59/34 Intervals of clouds and sunshine. Mainly clear at night.
Wednesday, January 27, 2016 • Vol. 43, No. 1 • www.HCCEgalitarian.com • @HCC_Egalitarian Open Carry is not Campus Carry see On Campus, Page 4
Trump Ruins Everything
see Commentary, page 11
see Community, Page 5
Making students ready for college Jimmieka Mills The Egalitarian
he adoption of Common Core standards have been successfully implemented in 45 states in the U.S. The standards focus on English language arts and math, which are skill sets students use in other subjects. These standards are seen as crucial to the future success of students across the U.S., education standards varied so widely between states that high school diplomas had lost all meaning as nearly 40 percent of college freshmen are required to take remedial classes. At the Gates Educational Forum in Seattle, Washington, the Gates Foundation pledged their support for the rigorous clear standards as critical to better student results. The Bill and Melinda Gates Foundation is committed to ensuring all students in the U.S. have the opportunity to receive a high quality education. Their goal is to support innovation that can improve U.S. K-12 public schools to ensure that all students graduate from high school prepared to succeed in college. The foundation has two programs which work together to achieve this goal, the College Ready Education Program and the Post-Secondary Success program; which aims to dramatically increase the
Alex Brandon/AP Photo Katerina Maylock, with Capital Educators, writes on the board as she teaches a college test preparation class at Holton Arms School. number of young people who obtain a post-secondary degree or certificate with labor market value. This article will focus on the College Ready Education Program. It is almost impossible to discuss the Gates’ vital impact on education without going back to the 1990s and acknowledging one of their first educational endeavors. The launch of the Gates Library Foundation in 1996 allowed U.S. public libraries to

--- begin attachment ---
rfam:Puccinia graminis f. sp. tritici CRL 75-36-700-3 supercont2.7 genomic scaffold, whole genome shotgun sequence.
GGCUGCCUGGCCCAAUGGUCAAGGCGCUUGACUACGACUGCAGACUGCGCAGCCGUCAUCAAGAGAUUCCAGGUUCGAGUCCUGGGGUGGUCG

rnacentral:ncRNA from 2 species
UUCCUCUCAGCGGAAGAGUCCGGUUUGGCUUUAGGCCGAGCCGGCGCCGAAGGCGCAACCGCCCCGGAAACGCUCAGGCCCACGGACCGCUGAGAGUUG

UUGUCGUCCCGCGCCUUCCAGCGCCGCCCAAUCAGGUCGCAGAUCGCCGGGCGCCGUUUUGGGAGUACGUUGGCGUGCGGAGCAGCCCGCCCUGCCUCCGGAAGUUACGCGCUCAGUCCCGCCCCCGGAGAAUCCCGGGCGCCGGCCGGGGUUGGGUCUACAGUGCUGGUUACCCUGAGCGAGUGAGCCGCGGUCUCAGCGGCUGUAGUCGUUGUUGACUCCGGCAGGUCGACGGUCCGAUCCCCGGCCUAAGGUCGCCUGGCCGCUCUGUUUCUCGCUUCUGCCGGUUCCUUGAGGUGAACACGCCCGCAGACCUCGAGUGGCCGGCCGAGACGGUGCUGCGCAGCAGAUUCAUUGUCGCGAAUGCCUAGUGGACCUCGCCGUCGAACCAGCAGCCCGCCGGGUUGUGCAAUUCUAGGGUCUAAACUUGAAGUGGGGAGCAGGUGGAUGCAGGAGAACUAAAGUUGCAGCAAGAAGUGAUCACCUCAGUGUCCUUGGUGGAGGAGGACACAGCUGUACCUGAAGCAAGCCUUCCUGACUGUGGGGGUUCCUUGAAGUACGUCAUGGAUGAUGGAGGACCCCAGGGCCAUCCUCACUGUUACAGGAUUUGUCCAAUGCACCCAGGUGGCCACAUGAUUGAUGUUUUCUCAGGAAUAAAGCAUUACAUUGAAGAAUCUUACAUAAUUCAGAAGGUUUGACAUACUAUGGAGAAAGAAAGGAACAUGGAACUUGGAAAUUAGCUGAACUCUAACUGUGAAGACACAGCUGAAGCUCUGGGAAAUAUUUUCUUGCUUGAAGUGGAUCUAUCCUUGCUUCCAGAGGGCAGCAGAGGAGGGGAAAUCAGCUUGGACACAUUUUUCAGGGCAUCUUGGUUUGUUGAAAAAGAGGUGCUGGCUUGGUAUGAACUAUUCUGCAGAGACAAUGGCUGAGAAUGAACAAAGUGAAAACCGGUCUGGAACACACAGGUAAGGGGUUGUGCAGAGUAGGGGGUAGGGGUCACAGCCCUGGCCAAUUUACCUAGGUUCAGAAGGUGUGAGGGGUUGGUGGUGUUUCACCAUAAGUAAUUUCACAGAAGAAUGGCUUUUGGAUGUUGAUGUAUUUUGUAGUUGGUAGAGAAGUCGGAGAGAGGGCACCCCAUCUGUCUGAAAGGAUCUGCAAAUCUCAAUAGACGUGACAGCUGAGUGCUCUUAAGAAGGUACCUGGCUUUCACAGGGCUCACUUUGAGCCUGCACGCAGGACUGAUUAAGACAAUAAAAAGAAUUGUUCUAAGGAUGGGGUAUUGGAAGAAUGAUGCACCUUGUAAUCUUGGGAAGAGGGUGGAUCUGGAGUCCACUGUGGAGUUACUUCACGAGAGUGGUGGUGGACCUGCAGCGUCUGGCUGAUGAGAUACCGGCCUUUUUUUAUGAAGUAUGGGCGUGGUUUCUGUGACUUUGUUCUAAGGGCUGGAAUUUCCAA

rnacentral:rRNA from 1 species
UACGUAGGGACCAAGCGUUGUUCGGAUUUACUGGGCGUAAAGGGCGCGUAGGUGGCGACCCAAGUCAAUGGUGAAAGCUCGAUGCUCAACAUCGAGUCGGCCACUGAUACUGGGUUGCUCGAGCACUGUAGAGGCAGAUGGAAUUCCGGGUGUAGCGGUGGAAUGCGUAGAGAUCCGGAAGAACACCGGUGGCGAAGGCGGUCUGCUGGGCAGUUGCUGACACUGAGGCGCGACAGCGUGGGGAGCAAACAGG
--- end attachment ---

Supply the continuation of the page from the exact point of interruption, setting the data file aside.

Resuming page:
provide free internet access. The foundation, which is now led by Patty Stonesifer, was built on the belief that drove both Bill and Melinda’s professional careers at Microsoft: the power that personal computing could provide everyone everywhere. Since this major milestone, the foundation has continued to explore new ways to innovate education through all phases of learning. The foundation describes programs focused towards their investments as having a
common goal, “to strengthen the connection between teachers and students.” In order to align their goals, the foundation invited educators, policy makers, students and parents to the U.S. Education Learning Forum to expand and accelerate successful programs and identify innovative solutions that could unlock students potential. Another one of the key areas of focus at the October forum was valuing and supporting great teaching. Forum speakers
touched on a research study program called the Measures of Effective Teaching. This study helped the foundation better understand what great teaching looks like, and the types of measures that can provide a fair assessment of teaching directed at helping every teacher do their best. Educator William Anderson spoke on the impact that exposing his students to a higher degree of learning had on him as a teacher, “It’s great to be able to expose students to a world they never knew existed.” Although there are skeptics to the study, two-thirds of American teachers feel that traditional evaluations don’t accurately capture the full picture of what they do in the classroom. Educators who agree with the measures cite their need for information they can trust from measures that are fair and reliable. In addressing concerns about the study, Gates stated, “Every teacher has the right to ask of evaluations: Is this designed to help me get better?” ——— Editor’s Note: The Egalitarian’s Jimmieka Mills was selected by the advocacy group Young Invincibles to report on the Gates Learning Forum Oct. 6-8 in Seattle.